Her name was Melissa. She too was wearing Birkenstocks, of the rainbow variety. Must be an Oregonian thing, I thought. She too had seen the fellows we’d sat behind and instantly commented on their pleasing appearances, “have you seen those two Greek gods walking around?” I liked these girls already. While they chatted about what I’d later find out was their nervous bodily functions, my eyes and mind wandered over to the greek gods themselves, sitting in a circle surrounded by a bunch of guys they looked like they knew.

It seemed everywhere we went, there they were. A whole group of them; tall, short, dark-haired, blonde. A sight for my sore eyes that had seen the same 25 boys every day for the last 12 years. Small schools, man.

They were all handsome, but most of all, there were these twins. These tall, tan, gorgeous, athletic boys who looked almost exactly alike. “The Greek gods,” as Melissa so appropriately dubbed them. I’d never seen boys like that before. I’d gone to school with the same males for eleventy-million years and no matter how much facial hair they eventually grew, you never quite outgrow the third grade nose picking incident. Or the awkward 7th grade love letters.

These weren’t boys, they were men! And best of all, they were fresh meat. Untainted by every stupid thing I’d ever done in high school. Unaware I’d ever had a mullet, or braces, or glasses, or braces AND glasses. Uneducated in the years I spent all knees and elbows, riding the pine of my middle school basketball bench because I simply got knocked over by all the other girls. Uninformed of my past history of ditching prom dates, kissing my friend’s little brothers or engaging in non-commital cuddling in the back of the athletic bus.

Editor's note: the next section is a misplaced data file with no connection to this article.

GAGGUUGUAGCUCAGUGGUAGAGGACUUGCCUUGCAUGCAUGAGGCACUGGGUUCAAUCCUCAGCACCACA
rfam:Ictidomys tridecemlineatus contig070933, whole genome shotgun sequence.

And there was one of those beautiful twins in particular that caught my eye. Taller than any boy I’d ever known. With short, dark hair and brown eyes. Tan skin and a white t-shirt. Broad shoulders, long legs in tight jeans and toned forearms.

“Now that is potential,” I thought to myself.

He was gorgeous. I was mesmerized. But before for too long, he moved away from our group and I tuned back into my conversation with Jaime and Melissa, promising to find them when school started in September. We eventually parted ways as the events came to a close and I ran off to meet back up with my Mom.

“How was your session?” she asked as we dumped all our college swag into the back of the hot rental car.

I thought of the class we’d attended. Of the teammates I’d met and instantly clicked with. Of the sparkly new laptop I’d just received that sat in the back seat. I thought of my uncertain future in this green place, which was rapidly approaching. The dorm I would be living in. The gym I would be playing in. The new life I would be creating there. But mostly I thought of those brown eyes.

“Great!” I said. “I found my future husband.”

To be continued…